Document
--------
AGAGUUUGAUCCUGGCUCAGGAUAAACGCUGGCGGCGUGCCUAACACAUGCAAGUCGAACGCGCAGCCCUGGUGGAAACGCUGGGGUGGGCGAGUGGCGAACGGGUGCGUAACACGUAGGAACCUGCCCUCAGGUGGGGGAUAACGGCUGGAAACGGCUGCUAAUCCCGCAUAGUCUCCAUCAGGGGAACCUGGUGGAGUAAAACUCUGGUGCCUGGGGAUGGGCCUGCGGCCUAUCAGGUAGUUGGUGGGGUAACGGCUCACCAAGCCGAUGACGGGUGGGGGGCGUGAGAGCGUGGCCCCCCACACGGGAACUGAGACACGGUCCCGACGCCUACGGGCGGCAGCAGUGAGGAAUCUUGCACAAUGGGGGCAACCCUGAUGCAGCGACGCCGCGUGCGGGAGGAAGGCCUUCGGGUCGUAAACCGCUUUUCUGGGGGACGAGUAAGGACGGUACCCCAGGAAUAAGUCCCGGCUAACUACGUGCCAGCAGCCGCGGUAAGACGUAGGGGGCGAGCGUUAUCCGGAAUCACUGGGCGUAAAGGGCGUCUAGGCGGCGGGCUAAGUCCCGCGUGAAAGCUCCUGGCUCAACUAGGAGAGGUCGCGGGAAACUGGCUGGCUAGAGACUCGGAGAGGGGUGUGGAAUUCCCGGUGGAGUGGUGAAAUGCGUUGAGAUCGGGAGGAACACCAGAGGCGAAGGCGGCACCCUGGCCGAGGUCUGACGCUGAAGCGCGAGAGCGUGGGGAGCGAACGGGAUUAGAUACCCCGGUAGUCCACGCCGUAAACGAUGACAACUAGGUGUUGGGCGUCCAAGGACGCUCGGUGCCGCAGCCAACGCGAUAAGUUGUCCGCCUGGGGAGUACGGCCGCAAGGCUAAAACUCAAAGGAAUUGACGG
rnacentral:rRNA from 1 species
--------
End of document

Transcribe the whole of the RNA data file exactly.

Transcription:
AGAGUUUGAUCCUGGCUCAGGAUAAACGCUGGCGGCGUGCCUAACACAUGCAAGUCGAACGCGCAGCCCUGGUGGAAACGCUGGGGUGGGCGAGUGGCGAACGGGUGCGUAACACGUAGGAACCUGCCCUCAGGUGGGGGAUAACGGCUGGAAACGGCUGCUAAUCCCGCAUAGUCUCCAUCAGGGGAACCUGGUGGAGUAAAACUCUGGUGCCUGGGGAUGGGCCUGCGGCCUAUCAGGUAGUUGGUGGGGUAACGGCUCACCAAGCCGAUGACGGGUGGGGGGCGUGAGAGCGUGGCCCCCCACACGGGAACUGAGACACGGUCCCGACGCCUACGGGCGGCAGCAGUGAGGAAUCUUGCACAAUGGGGGCAACCCUGAUGCAGCGACGCCGCGUGCGGGAGGAAGGCCUUCGGGUCGUAAACCGCUUUUCUGGGGGACGAGUAAGGACGGUACCCCAGGAAUAAGUCCCGGCUAACUACGUGCCAGCAGCCGCGGUAAGACGUAGGGGGCGAGCGUUAUCCGGAAUCACUGGGCGUAAAGGGCGUCUAGGCGGCGGGCUAAGUCCCGCGUGAAAGCUCCUGGCUCAACUAGGAGAGGUCGCGGGAAACUGGCUGGCUAGAGACUCGGAGAGGGGUGUGGAAUUCCCGGUGGAGUGGUGAAAUGCGUUGAGAUCGGGAGGAACACCAGAGGCGAAGGCGGCACCCUGGCCGAGGUCUGACGCUGAAGCGCGAGAGCGUGGGGAGCGAACGGGAUUAGAUACCCCGGUAGUCCACGCCGUAAACGAUGACAACUAGGUGUUGGGCGUCCAAGGACGCUCGGUGCCGCAGCCAACGCGAUAAGUUGUCCGCCUGGGGAGUACGGCCGCAAGGCUAAAACUCAAAGGAAUUGACGG
rnacentral:rRNA from 1 species